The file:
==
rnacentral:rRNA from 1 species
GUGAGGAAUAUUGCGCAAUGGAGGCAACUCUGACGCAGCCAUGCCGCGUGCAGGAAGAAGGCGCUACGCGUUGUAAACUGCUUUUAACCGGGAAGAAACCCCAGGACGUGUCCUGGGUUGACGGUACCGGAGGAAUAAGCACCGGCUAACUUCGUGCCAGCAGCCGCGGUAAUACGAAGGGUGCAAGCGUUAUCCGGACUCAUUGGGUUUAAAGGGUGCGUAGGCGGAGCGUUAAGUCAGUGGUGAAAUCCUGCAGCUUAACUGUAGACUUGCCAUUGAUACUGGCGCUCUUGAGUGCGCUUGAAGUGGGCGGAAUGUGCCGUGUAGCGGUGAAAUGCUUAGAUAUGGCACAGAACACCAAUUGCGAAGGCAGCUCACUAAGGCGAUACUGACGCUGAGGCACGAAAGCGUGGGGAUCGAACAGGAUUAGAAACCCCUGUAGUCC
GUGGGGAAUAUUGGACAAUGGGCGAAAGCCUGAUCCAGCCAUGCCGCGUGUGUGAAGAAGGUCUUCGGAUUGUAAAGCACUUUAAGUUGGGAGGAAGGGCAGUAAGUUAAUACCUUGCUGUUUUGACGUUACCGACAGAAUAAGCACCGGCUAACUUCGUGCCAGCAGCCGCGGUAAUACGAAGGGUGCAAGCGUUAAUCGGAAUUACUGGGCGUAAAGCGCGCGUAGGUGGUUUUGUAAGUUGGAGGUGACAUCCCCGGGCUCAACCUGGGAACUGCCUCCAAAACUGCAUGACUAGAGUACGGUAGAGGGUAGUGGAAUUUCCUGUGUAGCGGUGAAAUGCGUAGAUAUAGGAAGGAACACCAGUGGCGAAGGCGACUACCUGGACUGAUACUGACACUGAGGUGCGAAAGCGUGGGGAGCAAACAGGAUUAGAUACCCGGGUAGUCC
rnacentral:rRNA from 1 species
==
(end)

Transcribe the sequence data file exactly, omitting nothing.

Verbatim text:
rnacentral:rRNA from 1 species
GUGAGGAAUAUUGCGCAAUGGAGGCAACUCUGACGCAGCCAUGCCGCGUGCAGGAAGAAGGCGCUACGCGUUGUAAACUGCUUUUAACCGGGAAGAAACCCCAGGACGUGUCCUGGGUUGACGGUACCGGAGGAAUAAGCACCGGCUAACUUCGUGCCAGCAGCCGCGGUAAUACGAAGGGUGCAAGCGUUAUCCGGACUCAUUGGGUUUAAAGGGUGCGUAGGCGGAGCGUUAAGUCAGUGGUGAAAUCCUGCAGCUUAACUGUAGACUUGCCAUUGAUACUGGCGCUCUUGAGUGCGCUUGAAGUGGGCGGAAUGUGCCGUGUAGCGGUGAAAUGCUUAGAUAUGGCACAGAACACCAAUUGCGAAGGCAGCUCACUAAGGCGAUACUGACGCUGAGGCACGAAAGCGUGGGGAUCGAACAGGAUUAGAAACCCCUGUAGUCC
GUGGGGAAUAUUGGACAAUGGGCGAAAGCCUGAUCCAGCCAUGCCGCGUGUGUGAAGAAGGUCUUCGGAUUGUAAAGCACUUUAAGUUGGGAGGAAGGGCAGUAAGUUAAUACCUUGCUGUUUUGACGUUACCGACAGAAUAAGCACCGGCUAACUUCGUGCCAGCAGCCGCGGUAAUACGAAGGGUGCAAGCGUUAAUCGGAAUUACUGGGCGUAAAGCGCGCGUAGGUGGUUUUGUAAGUUGGAGGUGACAUCCCCGGGCUCAACCUGGGAACUGCCUCCAAAACUGCAUGACUAGAGUACGGUAGAGGGUAGUGGAAUUUCCUGUGUAGCGGUGAAAUGCGUAGAUAUAGGAAGGAACACCAGUGGCGAAGGCGACUACCUGGACUGAUACUGACACUGAGGUGCGAAAGCGUGGGGAGCAAACAGGAUUAGAUACCCGGGUAGUCC
rnacentral:rRNA from 1 species